Careful to avoid equivocation, Andrew Sullivan terms the Spanish election result ‘Bin Laden’s Victory in Spain’:
It’s a spectacular result for Islamist terrorism, and a chilling portent of Europe's future.
His judgement is wrong, but it’s certainly not silly. The reason it’s wrong is that the worldview of an apocalyptic nihilist pursuing the destruction of western civilisation shows no evidence of being swayed by calculations of electoral outcomes. It would be surprising if it did. Al-Qaeda and its offshoots do not urge a different set of policies on western leaders and do not issue a set of negotiable demands. Their message is directed not to us (“adopt different policies!”) but to their followers (“kill the infidels!”). There is nothing opaque in this. Osama bin Laden’s 1998 declaration of Jihad Against Jews and Crusaders enjoins:
We -- with God's help -- call on every Muslim who believes in God and wishes to be rewarded to comply with God's order to kill the Americans and plunder their money wherever and whenever they find it. We also call on Muslim ulema, leaders, youths, and soldiers to launch the raid on Satan's U.S. troops and the devil's supporters allying with them, and to displace those who are behind them so that they may learn a lesson.
The declaration also makes it clear that the believer is to make no distinction between killing soldiers and killing civilians.
In the circumstances, it is a bizarre misalignment – more like a category mistake - to suppose that Islamist terror is designed to influence the policy complexion of western states. The restoration of the Caliphate and the destruction of the Jews are not aims of the same type as that of getting 1300 Spanish peacekeepers withdrawn from Iraq. Bin Laden – supposing he is alive, as I doubt – doesn’t care whether those troops are in Iraq or elsewhere: he just wants them, and us, dead.
I labour this because some of the commentary today from those like Andrew who supported war in Iraq elides the distinction between these incommensurable goals. That’s a significant error on two grounds. The lesser ground is that those who wish for the defeat of world leaders favourable to President Bush’s strategy thereby have a perfect opportunity to affect umbrage at the notion that to be anti-terror requires one to vote in a particular way, and I’d like to deny them the pleasure of righteous indignation. The more substantial reason is that it implicitly concedes a case to the anti-war campaigners that ought to be withheld. If policies carried out by western governments can be predicted to provoke the murder of our citizens, then there is a seductive and utterly wrongheaded argument that those policies ought to be calibrated so as to minimise such provocation.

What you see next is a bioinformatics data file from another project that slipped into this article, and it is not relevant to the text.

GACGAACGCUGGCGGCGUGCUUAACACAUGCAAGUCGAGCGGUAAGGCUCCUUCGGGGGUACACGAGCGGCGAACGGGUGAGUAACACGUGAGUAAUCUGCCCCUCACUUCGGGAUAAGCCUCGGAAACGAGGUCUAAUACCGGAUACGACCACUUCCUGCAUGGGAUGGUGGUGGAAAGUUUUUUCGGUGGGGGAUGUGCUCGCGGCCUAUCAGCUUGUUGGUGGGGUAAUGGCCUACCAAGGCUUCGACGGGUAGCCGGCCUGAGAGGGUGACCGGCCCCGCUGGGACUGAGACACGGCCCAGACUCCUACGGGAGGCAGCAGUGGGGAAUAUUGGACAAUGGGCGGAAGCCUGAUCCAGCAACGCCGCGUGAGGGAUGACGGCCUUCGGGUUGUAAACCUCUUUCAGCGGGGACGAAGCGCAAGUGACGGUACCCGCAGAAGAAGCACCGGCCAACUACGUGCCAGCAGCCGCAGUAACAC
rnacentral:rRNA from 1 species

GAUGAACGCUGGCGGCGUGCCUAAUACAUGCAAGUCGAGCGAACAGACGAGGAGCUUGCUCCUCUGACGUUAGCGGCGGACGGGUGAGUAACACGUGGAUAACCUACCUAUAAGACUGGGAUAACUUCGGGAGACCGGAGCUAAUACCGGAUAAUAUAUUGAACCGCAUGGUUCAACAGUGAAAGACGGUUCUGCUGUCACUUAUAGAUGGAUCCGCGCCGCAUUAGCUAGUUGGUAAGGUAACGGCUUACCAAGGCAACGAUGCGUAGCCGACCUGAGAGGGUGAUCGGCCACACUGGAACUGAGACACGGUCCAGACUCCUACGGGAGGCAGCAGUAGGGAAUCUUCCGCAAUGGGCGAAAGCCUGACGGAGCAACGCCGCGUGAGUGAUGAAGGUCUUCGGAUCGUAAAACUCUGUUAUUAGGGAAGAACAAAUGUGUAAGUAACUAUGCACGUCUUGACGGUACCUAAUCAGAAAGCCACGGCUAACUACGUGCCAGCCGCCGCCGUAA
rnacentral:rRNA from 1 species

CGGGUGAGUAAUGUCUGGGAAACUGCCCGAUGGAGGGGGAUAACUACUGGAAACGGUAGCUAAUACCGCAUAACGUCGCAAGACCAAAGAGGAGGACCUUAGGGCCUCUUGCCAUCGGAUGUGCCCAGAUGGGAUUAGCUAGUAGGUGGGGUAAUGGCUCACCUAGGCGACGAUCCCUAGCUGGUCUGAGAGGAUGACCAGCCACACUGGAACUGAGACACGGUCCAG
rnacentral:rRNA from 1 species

There is, of course, a strong moral case against accepting such a calculus, which in an earlier age was called appeasement. (This is now for obvious historical reasons a discredited term, but for decades it was deployed as a term of approbation in British foreign policy, and the elements of the philosophy behind can easily be discerned in much of today’s political debate about Islamist terror. See the second letter in today’s Glasgow Herald, from a clergyman, for a surpassingly witless example, incorporating ‘root causes’, ‘spiral of violence’, ‘so-called developed world’, and the rest of the catechism of such people. For inanity it stands with another comment I read today – from a Liberal Democrat – who earnestly advised that “if you really want to do what 'Islamofascists' oppose” you should go out and drink and party. This was a course that a large number of young people took just the other day, or so it seems, in Bali, and much good it did them. I don’t myself wish to frequent nightclubs and discotheques, even for the wider good of annoying Islamist theocrats: I just want my government to hunt down and kill – with only the briefest opportunity for them first to surrender - the people who refused to let 190 others do so and remain alive.)
But there is also the weighty consequentialist case. It’s demeaning and immoral to allow our pursuit of worthwhile goals – say, the freedom and security of Israel, or the independence of East Timor – to be compromised by respecting the sensibilities of those for whom we should entertain only scorn and contempt. It’s also utterly futile: we won’t thereby avoid a fight; all we’ll do is abandon our friends, our principles, and our military preparedness, and still get a fight. As Thomas Friedman observed in the New York Times in October 2001 (and reprinted in his book Longitudes and Attitudes):
One can only be amazed at the ease with which some people abroad and at campus teach-ins now tell us what motivated the terrorists. Guess what? The terrorists didn’t leave an explanatory note. Because their deed was their note: We want to destroy America, starting with its military and financial centers. Which part of that sentence don’t people understand?